Beyond that, some OEM’s alter how a user can interact with notifications. On Xiaomi devices, to expand notifications in the shade, you have to use two fingers instead of one. And in Huawei’s EMUI, you can’t expand notifications at all! Did these companies think that expandable notifications are something users don’t like? Why put in the extra code to alter this feature when the feature itself never needed fixing?
Google works hard to make the notifications experience a good one for users. For years, notifications were so much better on Android than on iOS, to the point that that fact alone was a reason not to switch. So please, OEMs, don’t mess with the notifications!
Of all the changes an OEM makes with its particular Android skin, none is more integral than the overall look and feel of the software. Custom icons, animations, fonts, and more can make Android look like completely different software in comparison to stock.
Now, whether or not you like specific design changes is a fairly subjective thing, but we can all agree that the intention OEMs have with their designs is to reinforce the brand identity. That’s why, for example, stock Android’s wallpapers are minimalist designs, and Samsung’s are usually HD photos of environments.
The design of and Android skin should align with the company brand, not go directly against it.
You can imagine our surprise then when we found out that OnePlus gives users the ability to customize the color scheme of their devices in Oxygen OS, but the company’s own distinctive red-color branding is not an option. One would think that if you wanted to keep the brand identity congruent within the device, the color red would be all over the place, like the outside of the Lava Red OnePlus 5T.
But nope, you are given eight color choices to theme your phone in OxygenOS: traditional Android blue, a lighter shade of blue, purple, a slightly lighter purple, light brown, neon green, orange, and pink. No red to speak of.
One would think that if OnePlus could bake in seven new color schemes, in addition to the regular Android blue, it would include its own red, or just make the feature a color wheel so users could choose the specific theme color they like. But no, OnePlus fails here on both counts.
Some OEMs offer full theme stores, like Samsung and HTC, in which you can download or create themes of all kinds. This is wonderful because it gives the user complete control over how their device looks. In a world full of iPhones that all look the same, one of the biggest appeals of Android is the ability to make the device one’s own.
Why OnePlus, with the company motto “Never Settle,” would settle for seven non-red color selections is a mystery. Especially when you consider how easy it would be to add.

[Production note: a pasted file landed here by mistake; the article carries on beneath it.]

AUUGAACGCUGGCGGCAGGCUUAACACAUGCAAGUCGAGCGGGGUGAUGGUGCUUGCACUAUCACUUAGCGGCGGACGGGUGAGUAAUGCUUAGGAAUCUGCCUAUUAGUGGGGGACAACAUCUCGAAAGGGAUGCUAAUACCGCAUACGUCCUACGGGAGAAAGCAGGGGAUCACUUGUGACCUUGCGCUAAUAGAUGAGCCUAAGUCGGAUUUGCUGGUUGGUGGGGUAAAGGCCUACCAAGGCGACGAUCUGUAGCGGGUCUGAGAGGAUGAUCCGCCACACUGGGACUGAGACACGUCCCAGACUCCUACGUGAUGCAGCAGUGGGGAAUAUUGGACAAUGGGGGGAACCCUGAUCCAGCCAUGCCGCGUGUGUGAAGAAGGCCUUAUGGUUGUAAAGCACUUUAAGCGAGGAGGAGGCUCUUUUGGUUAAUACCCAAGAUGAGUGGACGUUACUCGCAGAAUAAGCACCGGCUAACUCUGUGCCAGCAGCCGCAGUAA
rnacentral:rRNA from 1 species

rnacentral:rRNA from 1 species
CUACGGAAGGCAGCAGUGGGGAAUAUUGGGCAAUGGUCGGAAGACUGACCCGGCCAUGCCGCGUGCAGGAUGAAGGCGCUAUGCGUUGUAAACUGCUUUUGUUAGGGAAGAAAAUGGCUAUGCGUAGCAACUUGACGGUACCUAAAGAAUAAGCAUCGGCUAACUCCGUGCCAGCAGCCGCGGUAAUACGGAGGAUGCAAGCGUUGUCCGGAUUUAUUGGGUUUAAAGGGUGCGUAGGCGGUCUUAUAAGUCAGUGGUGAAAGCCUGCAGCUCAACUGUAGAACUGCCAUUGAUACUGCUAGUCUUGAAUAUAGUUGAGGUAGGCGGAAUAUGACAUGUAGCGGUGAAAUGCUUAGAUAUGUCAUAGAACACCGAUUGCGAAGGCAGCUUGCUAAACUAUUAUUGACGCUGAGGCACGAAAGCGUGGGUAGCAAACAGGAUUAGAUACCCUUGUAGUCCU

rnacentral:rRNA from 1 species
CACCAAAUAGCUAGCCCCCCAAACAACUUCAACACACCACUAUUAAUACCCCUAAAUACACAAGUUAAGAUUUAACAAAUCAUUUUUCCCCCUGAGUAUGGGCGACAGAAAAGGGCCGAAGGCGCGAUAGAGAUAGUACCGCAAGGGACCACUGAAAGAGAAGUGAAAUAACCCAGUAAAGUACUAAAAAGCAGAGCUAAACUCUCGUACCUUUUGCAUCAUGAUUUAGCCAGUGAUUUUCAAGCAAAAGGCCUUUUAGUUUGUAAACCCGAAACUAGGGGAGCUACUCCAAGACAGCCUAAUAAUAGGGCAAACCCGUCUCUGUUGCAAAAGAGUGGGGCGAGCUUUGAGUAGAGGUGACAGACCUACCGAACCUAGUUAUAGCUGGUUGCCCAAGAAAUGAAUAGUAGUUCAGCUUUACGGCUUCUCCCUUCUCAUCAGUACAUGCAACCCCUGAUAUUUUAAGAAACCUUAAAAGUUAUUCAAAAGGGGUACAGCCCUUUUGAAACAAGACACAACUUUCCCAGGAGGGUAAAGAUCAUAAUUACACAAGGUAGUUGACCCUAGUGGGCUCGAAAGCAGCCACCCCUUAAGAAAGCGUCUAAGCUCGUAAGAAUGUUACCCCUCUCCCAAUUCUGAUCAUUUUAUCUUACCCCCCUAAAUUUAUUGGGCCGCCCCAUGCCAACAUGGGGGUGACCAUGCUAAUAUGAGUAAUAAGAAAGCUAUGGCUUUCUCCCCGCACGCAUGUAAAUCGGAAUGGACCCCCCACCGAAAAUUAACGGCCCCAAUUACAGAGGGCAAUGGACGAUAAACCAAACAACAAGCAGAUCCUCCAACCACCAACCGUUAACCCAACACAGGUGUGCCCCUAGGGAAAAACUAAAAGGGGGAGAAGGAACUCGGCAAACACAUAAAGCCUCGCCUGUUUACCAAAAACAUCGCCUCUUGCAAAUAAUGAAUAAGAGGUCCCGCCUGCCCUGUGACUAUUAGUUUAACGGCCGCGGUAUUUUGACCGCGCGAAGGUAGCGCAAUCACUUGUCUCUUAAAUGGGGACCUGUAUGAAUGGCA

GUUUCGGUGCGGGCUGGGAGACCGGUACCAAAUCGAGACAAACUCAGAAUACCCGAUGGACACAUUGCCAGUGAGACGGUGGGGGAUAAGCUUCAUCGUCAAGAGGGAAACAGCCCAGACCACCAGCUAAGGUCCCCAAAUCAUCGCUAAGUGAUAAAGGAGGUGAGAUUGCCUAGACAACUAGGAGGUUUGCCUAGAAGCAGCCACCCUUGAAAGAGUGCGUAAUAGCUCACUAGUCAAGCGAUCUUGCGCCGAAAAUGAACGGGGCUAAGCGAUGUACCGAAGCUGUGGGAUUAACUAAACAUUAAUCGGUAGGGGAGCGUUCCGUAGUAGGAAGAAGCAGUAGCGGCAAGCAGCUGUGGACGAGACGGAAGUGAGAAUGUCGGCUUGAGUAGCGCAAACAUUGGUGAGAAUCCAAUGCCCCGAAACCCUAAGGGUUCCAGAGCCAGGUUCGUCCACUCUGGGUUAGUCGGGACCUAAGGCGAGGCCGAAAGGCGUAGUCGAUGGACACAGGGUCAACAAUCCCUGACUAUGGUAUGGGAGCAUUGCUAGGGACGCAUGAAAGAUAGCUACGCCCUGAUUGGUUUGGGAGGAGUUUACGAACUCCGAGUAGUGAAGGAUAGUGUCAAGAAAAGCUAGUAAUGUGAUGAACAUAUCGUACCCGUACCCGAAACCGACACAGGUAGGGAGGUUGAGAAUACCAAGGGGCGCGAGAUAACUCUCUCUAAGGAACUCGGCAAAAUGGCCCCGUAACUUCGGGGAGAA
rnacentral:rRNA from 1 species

Android’s settings options are integral to the user experience of the device. There are so many important features and options controlled by the Settings app that Android 5.0 Lollipop added a dedicated settings search bar to help youfind what you need.
But sometimes even the search bar doesn’t help, so you have to go online and read a tutorial on how to change something. The only problem is, some OEM’s move the settings options around or even completely reformat the Settings app, so the tutorial may or may not apply to your device!
Please don't move the settings around; they are where they are for a reason.
Samsung is probably the most well-known culprit when it comes to this Android skin head-scratcher. When you open the Settings app, everything is in a completely different spot than it would be in stock Android. It’s so out of order that if someone were to say to you, “Open Settings and click on Battery, and then Battery Optimization,” you would already be lost at the second step. To get to Battery Optimization in Samsung Experience, you would go Settings > Device Maintenance > Battery > Battery Usage > Menu Icon > Optimize Battery Usage. Hardly a more efficient process.
Samsung helpfully adds many of its own settings to its devices that sometimes supersede Android’s stock settings. This is no doubt why it moves the settings around in the Settings app, but all that does is make things more confusing. We get that you have great ideas for settings, Samsung, but leave the stock Android settings alone, so people don’t have to tear their hair out looking for what they need.
The greatest thing about Android is its ability to change for every different kind of device. OEMs making changes to the OS to benefit the user are welcome and part of the excitement of the Android ecosystem. But when OEM’s start making changes for seemingly no reason, it merely frustrates users and makes them dissatisfied. Android stock purists out there are wrong that nothing should ever change with Android, but OEM’s sometimes make it hard to argue that point.